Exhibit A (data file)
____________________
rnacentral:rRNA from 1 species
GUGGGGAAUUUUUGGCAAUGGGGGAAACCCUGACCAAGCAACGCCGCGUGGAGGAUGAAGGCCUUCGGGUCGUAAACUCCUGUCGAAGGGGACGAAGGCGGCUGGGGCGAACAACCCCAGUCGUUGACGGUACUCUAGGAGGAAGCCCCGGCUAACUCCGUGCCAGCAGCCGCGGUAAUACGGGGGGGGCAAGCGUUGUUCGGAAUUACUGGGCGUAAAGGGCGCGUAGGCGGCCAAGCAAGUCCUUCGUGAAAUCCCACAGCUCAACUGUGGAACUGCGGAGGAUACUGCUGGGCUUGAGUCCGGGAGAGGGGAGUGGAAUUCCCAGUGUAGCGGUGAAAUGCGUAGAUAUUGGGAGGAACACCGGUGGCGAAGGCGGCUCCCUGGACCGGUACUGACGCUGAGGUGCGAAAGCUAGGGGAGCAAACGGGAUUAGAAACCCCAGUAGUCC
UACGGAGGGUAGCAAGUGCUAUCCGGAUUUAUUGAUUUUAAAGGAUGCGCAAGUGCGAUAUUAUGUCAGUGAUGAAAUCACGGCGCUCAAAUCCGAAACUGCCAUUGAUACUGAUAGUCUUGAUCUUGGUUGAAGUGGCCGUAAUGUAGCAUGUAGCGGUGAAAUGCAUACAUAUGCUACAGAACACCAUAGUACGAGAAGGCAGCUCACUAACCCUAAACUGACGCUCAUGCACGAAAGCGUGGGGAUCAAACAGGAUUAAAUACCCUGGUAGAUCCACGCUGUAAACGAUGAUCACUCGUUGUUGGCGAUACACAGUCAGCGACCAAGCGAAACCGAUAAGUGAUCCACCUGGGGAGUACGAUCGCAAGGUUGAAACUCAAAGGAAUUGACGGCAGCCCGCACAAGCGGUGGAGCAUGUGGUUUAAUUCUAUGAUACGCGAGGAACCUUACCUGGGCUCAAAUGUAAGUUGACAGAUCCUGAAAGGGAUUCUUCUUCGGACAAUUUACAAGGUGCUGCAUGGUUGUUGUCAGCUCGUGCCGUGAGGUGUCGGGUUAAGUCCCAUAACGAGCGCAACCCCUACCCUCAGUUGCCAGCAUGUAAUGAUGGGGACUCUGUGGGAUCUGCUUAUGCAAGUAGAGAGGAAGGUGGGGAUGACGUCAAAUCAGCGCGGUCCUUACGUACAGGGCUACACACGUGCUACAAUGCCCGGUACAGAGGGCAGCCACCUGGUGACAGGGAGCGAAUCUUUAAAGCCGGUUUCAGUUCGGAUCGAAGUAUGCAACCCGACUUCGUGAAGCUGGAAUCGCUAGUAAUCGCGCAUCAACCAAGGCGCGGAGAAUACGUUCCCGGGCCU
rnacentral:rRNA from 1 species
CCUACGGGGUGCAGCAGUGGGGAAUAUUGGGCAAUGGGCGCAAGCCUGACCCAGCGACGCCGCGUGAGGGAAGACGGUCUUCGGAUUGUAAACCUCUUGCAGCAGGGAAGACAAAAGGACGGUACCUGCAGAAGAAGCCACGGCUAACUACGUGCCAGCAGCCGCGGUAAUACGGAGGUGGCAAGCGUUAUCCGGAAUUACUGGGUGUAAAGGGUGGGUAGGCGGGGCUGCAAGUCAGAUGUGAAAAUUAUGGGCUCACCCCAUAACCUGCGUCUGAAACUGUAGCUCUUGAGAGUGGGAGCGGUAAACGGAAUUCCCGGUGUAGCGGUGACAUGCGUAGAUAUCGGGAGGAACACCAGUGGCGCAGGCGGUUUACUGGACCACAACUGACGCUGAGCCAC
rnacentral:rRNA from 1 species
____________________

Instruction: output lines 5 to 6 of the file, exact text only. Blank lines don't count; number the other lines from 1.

CCUACGGGGUGCAGCAGUGGGGAAUAUUGGGCAAUGGGCGCAAGCCUGACCCAGCGACGCCGCGUGAGGGAAGACGGUCUUCGGAUUGUAAACCUCUUGCAGCAGGGAAGACAAAAGGACGGUACCUGCAGAAGAAGCCACGGCUAACUACGUGCCAGCAGCCGCGGUAAUACGGAGGUGGCAAGCGUUAUCCGGAAUUACUGGGUGUAAAGGGUGGGUAGGCGGGGCUGCAAGUCAGAUGUGAAAAUUAUGGGCUCACCCCAUAACCUGCGUCUGAAACUGUAGCUCUUGAGAGUGGGAGCGGUAAACGGAAUUCCCGGUGUAGCGGUGACAUGCGUAGAUAUCGGGAGGAACACCAGUGGCGCAGGCGGUUUACUGGACCACAACUGACGCUGAGCCAC
rnacentral:rRNA from 1 species